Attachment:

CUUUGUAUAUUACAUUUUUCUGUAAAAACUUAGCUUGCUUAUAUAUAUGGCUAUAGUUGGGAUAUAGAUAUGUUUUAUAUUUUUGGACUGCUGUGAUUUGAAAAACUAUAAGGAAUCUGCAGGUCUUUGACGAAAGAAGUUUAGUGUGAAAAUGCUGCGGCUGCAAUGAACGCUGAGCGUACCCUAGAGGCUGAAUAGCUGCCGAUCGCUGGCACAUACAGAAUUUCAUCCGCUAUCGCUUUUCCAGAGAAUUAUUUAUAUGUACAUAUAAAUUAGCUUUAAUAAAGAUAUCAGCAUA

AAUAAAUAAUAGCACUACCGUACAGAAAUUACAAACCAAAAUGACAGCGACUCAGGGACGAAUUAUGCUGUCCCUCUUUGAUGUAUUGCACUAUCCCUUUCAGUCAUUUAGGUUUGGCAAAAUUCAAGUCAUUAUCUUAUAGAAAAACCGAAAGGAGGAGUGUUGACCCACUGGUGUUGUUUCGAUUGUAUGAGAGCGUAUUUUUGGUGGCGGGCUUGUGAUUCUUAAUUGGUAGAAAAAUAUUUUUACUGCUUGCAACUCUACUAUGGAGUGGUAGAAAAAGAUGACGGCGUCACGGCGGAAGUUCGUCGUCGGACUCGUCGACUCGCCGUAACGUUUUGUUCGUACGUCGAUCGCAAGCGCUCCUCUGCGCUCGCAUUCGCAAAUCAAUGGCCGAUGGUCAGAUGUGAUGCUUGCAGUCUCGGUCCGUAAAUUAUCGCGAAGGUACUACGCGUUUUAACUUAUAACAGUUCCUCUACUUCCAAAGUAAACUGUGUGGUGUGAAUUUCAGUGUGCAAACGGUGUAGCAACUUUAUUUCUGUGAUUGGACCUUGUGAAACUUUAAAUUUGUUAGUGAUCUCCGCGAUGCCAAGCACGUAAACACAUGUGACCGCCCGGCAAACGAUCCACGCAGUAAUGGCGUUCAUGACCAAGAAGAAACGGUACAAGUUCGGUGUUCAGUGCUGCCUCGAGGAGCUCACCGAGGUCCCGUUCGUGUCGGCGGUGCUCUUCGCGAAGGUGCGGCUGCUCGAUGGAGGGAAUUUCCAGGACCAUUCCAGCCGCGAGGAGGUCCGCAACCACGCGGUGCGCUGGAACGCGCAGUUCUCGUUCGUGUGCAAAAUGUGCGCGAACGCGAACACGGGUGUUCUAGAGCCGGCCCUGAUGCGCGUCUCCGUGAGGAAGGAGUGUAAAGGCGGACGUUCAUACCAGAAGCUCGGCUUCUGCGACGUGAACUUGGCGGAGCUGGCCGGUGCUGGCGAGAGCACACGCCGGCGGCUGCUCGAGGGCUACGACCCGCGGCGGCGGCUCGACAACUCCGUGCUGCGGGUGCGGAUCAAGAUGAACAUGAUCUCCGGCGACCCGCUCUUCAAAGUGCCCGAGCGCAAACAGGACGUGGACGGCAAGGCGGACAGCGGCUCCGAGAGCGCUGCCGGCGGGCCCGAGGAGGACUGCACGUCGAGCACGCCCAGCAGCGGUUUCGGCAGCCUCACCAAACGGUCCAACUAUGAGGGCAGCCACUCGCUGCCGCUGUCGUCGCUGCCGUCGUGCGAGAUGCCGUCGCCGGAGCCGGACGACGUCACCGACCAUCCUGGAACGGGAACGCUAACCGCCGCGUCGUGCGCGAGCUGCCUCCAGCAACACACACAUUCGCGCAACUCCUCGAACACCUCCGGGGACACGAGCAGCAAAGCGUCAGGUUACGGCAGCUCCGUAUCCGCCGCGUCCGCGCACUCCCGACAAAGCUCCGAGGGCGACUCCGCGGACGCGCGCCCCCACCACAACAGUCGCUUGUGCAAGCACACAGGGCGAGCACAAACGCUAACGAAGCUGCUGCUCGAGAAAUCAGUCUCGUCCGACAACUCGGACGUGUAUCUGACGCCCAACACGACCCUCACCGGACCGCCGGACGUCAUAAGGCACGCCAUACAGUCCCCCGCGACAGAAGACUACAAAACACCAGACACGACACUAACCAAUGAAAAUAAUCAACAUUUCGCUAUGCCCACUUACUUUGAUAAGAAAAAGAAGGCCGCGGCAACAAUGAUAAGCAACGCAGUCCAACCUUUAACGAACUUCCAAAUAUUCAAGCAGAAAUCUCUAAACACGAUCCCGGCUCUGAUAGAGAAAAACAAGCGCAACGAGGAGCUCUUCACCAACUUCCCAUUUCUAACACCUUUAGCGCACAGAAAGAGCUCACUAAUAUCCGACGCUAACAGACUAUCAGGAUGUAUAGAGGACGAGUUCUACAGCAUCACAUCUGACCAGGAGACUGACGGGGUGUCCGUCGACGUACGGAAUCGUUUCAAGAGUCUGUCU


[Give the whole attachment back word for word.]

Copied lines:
CUUUGUAUAUUACAUUUUUCUGUAAAAACUUAGCUUGCUUAUAUAUAUGGCUAUAGUUGGGAUAUAGAUAUGUUUUAUAUUUUUGGACUGCUGUGAUUUGAAAAACUAUAAGGAAUCUGCAGGUCUUUGACGAAAGAAGUUUAGUGUGAAAAUGCUGCGGCUGCAAUGAACGCUGAGCGUACCCUAGAGGCUGAAUAGCUGCCGAUCGCUGGCACAUACAGAAUUUCAUCCGCUAUCGCUUUUCCAGAGAAUUAUUUAUAUGUACAUAUAAAUUAGCUUUAAUAAAGAUAUCAGCAUA

AAUAAAUAAUAGCACUACCGUACAGAAAUUACAAACCAAAAUGACAGCGACUCAGGGACGAAUUAUGCUGUCCCUCUUUGAUGUAUUGCACUAUCCCUUUCAGUCAUUUAGGUUUGGCAAAAUUCAAGUCAUUAUCUUAUAGAAAAACCGAAAGGAGGAGUGUUGACCCACUGGUGUUGUUUCGAUUGUAUGAGAGCGUAUUUUUGGUGGCGGGCUUGUGAUUCUUAAUUGGUAGAAAAAUAUUUUUACUGCUUGCAACUCUACUAUGGAGUGGUAGAAAAAGAUGACGGCGUCACGGCGGAAGUUCGUCGUCGGACUCGUCGACUCGCCGUAACGUUUUGUUCGUACGUCGAUCGCAAGCGCUCCUCUGCGCUCGCAUUCGCAAAUCAAUGGCCGAUGGUCAGAUGUGAUGCUUGCAGUCUCGGUCCGUAAAUUAUCGCGAAGGUACUACGCGUUUUAACUUAUAACAGUUCCUCUACUUCCAAAGUAAACUGUGUGGUGUGAAUUUCAGUGUGCAAACGGUGUAGCAACUUUAUUUCUGUGAUUGGACCUUGUGAAACUUUAAAUUUGUUAGUGAUCUCCGCGAUGCCAAGCACGUAAACACAUGUGACCGCCCGGCAAACGAUCCACGCAGUAAUGGCGUUCAUGACCAAGAAGAAACGGUACAAGUUCGGUGUUCAGUGCUGCCUCGAGGAGCUCACCGAGGUCCCGUUCGUGUCGGCGGUGCUCUUCGCGAAGGUGCGGCUGCUCGAUGGAGGGAAUUUCCAGGACCAUUCCAGCCGCGAGGAGGUCCGCAACCACGCGGUGCGCUGGAACGCGCAGUUCUCGUUCGUGUGCAAAAUGUGCGCGAACGCGAACACGGGUGUUCUAGAGCCGGCCCUGAUGCGCGUCUCCGUGAGGAAGGAGUGUAAAGGCGGACGUUCAUACCAGAAGCUCGGCUUCUGCGACGUGAACUUGGCGGAGCUGGCCGGUGCUGGCGAGAGCACACGCCGGCGGCUGCUCGAGGGCUACGACCCGCGGCGGCGGCUCGACAACUCCGUGCUGCGGGUGCGGAUCAAGAUGAACAUGAUCUCCGGCGACCCGCUCUUCAAAGUGCCCGAGCGCAAACAGGACGUGGACGGCAAGGCGGACAGCGGCUCCGAGAGCGCUGCCGGCGGGCCCGAGGAGGACUGCACGUCGAGCACGCCCAGCAGCGGUUUCGGCAGCCUCACCAAACGGUCCAACUAUGAGGGCAGCCACUCGCUGCCGCUGUCGUCGCUGCCGUCGUGCGAGAUGCCGUCGCCGGAGCCGGACGACGUCACCGACCAUCCUGGAACGGGAACGCUAACCGCCGCGUCGUGCGCGAGCUGCCUCCAGCAACACACACAUUCGCGCAACUCCUCGAACACCUCCGGGGACACGAGCAGCAAAGCGUCAGGUUACGGCAGCUCCGUAUCCGCCGCGUCCGCGCACUCCCGACAAAGCUCCGAGGGCGACUCCGCGGACGCGCGCCCCCACCACAACAGUCGCUUGUGCAAGCACACAGGGCGAGCACAAACGCUAACGAAGCUGCUGCUCGAGAAAUCAGUCUCGUCCGACAACUCGGACGUGUAUCUGACGCCCAACACGACCCUCACCGGACCGCCGGACGUCAUAAGGCACGCCAUACAGUCCCCCGCGACAGAAGACUACAAAACACCAGACACGACACUAACCAAUGAAAAUAAUCAACAUUUCGCUAUGCCCACUUACUUUGAUAAGAAAAAGAAGGCCGCGGCAACAAUGAUAAGCAACGCAGUCCAACCUUUAACGAACUUCCAAAUAUUCAAGCAGAAAUCUCUAAACACGAUCCCGGCUCUGAUAGAGAAAAACAAGCGCAACGAGGAGCUCUUCACCAACUUCCCAUUUCUAACACCUUUAGCGCACAGAAAGAGCUCACUAAUAUCCGACGCUAACAGACUAUCAGGAUGUAUAGAGGACGAGUUCUACAGCAUCACAUCUGACCAGGAGACUGACGGGGUGUCCGUCGACGUACGGAAUCGUUUCAAGAGUCUGUCU